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Limit use of an Access database

I want to release a version of an Access database that I have designed, but only as a trial version. After the trial, the idea is that they will want to buy it. What is the best way to restrict its functionality?

I'm thinking of either only allowing a user to add, for example, 10 records to a key table, or preferably, issuing a code to the user once they have paid the money. In this case, I would need to restrict functionality in some way, then allow it to work after entering a code. Are there any other suggestions?
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rick_danger
Asked:
rick_danger
1 Solution
 
Jim Dettman (Microsoft MVP/ EE MVE)PresidentCommented:
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Scott McDaniel (Microsoft Access MVP - EE MVE )Infotrakker SoftwareCommented:
Or this:

http://www.ssware.com/cryptolicensing/cryptolicensing_ocx.htm

You can also "roll your own" to some extent, but if you are serious about selling a commercial solution you should invest in a quality licensing mechanism.

To "roll your own", you could do something like this:

1) On install of the database, write a registry key somewhere in an obscure location with the date/time of the install. Each time the db is opened check that registry key to determine if the trial period is up

2) If you want to do a "per use" sort of trail, then you could include a custom database property, and increment that property each time the app is opened. Also each time the app is opened, you would check that count. If the count > trials allowed then close the app

These are easily thwarted, of course (just keep moving back the system date for the first, and just readily available code on the internet to modify that custom property). More advanced licensing mechanisms stop these sorts of hacks, and are a lot more robust in terms of security.
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Dale FyeCommented:
1.  Only distribute mde or accde files.

2.  I generally create provide a fully functional application but set a database level property that limits the duration of the trial period, and a RegNumber

set prp = currentdb.CreateProperty("ValidThru", dbDate, #2/21/13#)
currentdb.properties.Append prp
set prp = currentdb.CreateProperty("RegNumber", dbText, "xyz123")
currentdb.properties.Append prp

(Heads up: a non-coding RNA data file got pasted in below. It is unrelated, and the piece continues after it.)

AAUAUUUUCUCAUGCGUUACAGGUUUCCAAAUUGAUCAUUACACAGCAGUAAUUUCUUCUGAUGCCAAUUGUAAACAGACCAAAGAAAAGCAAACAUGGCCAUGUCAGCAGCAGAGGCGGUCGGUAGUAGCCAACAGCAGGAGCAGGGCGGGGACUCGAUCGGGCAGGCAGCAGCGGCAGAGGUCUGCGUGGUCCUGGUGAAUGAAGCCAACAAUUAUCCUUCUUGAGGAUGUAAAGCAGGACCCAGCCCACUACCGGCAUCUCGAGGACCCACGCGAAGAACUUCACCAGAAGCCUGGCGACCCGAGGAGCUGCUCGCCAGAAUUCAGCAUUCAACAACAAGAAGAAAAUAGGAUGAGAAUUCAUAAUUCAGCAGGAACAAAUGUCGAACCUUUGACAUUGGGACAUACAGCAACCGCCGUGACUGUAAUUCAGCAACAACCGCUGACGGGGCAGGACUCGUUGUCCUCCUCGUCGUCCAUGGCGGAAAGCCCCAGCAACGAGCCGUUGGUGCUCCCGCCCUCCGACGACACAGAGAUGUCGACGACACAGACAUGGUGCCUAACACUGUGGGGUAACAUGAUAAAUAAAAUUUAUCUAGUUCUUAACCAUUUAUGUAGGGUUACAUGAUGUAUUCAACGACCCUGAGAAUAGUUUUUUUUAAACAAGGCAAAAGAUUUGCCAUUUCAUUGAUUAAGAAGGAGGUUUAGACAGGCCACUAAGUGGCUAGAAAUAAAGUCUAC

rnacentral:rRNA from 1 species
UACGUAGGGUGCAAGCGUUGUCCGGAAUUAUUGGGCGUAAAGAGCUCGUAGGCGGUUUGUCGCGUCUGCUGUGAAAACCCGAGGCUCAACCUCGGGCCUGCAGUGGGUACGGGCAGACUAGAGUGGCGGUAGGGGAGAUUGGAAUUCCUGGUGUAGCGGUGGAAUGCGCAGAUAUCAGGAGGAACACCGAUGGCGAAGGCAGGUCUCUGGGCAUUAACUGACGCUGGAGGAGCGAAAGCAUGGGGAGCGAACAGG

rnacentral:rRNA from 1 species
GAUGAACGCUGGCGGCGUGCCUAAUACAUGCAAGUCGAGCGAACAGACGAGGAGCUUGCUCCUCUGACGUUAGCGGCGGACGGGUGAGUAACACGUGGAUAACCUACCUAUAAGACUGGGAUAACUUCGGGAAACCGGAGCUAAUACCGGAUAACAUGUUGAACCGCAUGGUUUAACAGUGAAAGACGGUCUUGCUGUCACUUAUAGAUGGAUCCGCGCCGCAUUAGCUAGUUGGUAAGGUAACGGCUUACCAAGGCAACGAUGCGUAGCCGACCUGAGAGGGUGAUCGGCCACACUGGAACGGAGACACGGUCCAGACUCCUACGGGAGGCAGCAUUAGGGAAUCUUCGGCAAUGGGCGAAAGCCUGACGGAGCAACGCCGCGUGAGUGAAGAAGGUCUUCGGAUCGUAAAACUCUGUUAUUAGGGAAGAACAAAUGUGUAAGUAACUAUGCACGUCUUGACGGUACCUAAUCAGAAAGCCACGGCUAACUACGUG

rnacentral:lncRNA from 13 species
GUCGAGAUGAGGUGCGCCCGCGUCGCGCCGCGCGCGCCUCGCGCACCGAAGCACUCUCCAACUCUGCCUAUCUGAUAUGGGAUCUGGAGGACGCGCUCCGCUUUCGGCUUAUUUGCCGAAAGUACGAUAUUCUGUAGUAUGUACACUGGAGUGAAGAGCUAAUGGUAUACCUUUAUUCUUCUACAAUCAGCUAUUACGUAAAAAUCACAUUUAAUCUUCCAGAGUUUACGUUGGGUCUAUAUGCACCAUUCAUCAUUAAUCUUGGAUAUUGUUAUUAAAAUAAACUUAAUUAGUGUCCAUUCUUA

I then check the value of the ValidThru property when the application loads the Splash form, and if the current date is after this date, I popup a form for them to enter a registration number.  If they enter the registration number, I change the ValidThru date.  Otherwise, I provide them a form to fill out and email or fax me to get the registration number, but do  not allow them to progress to the application until a valid registration number is entered.
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rick_dangerAuthor Commented:
fyed - thanks for your reply. I think you are hinting at what I would see as a good solution. However, could you please be a little more explicit as I am not sure where to put these statements.
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Dale FyeCommented:
This falls into the Roll Your Own that LSM mentions above.

I do it in the splash form.  When that form opens, I check to see whether the ValidThru property exists, and if not, set it to 30 day from that days date.
Dim db as DAO.Database
set db = currentdb
If PropertyExists("ValidThru") = False Then
    set prp = db.CreateProperty("ValidThru", dbDate, Date() + 30)
    db.properties.Append prp
    set prp = db.CreateProperty("RegNumber", dbText, "xyz123")
    db.properties.Append prp
    set prp = db.CreateProperty("Registration", dbText, "")
    db.properties.Append prp
Elseif db.Properties("ValidThru") < Date() AND db.Properties("RegNumber") <> db.Properties("Registration") Then
    docmd.openform "frm_Registration",,,,,acDialog
    if db.Properties("Registration") <> db.Properties("RegNum") Then
        Application.Quit
    End If
End If

Open in new window

The function PropertyExists simply checks the current database properties to see whether that property already exists; it looks like:
Public Function PropertyExists(PropName As String) As Boolean

    Dim intPropType As Integer
    
    On Error Resume Next
    intPropType = CurrentDb.Properties(PropName).Type
    PropertyExists = (Err.Number = 0)
    
End Function

Open in new window

As LSM indicated, an experienced developer can figure out a way to thwart this security but most users are not sophisticated enough to bypass even this rudimentary security.  However, using this technique, there is nothing to prevent the user from simply downloading another copy, and starting all over.  

If the application contains a backend database I will store those properties in the backend rather than the front end, which will cause a few more headaches for someone trying to bypass the review period.

Another option is to write those values to the registry (although that is editable as well) or to a text file in an obscure folder on the users hard drive, and check to see whether that file exists.
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rick_dangerAuthor Commented:
Excellent clarity, thanks!
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